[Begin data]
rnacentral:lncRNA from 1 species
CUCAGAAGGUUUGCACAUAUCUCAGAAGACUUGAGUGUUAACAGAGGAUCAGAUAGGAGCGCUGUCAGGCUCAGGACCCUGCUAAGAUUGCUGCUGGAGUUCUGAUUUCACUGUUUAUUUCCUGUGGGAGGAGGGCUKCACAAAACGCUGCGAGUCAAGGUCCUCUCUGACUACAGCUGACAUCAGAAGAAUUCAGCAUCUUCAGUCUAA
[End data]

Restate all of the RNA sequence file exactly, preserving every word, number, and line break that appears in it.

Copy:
rnacentral:lncRNA from 1 species
CUCAGAAGGUUUGCACAUAUCUCAGAAGACUUGAGUGUUAACAGAGGAUCAGAUAGGAGCGCUGUCAGGCUCAGGACCCUGCUAAGAUUGCUGCUGGAGUUCUGAUUUCACUGUUUAUUUCCUGUGGGAGGAGGGCUKCACAAAACGCUGCGAGUCAAGGUCCUCUCUGACUACAGCUGACAUCAGAAGAAUUCAGCAUCUUCAGUCUAA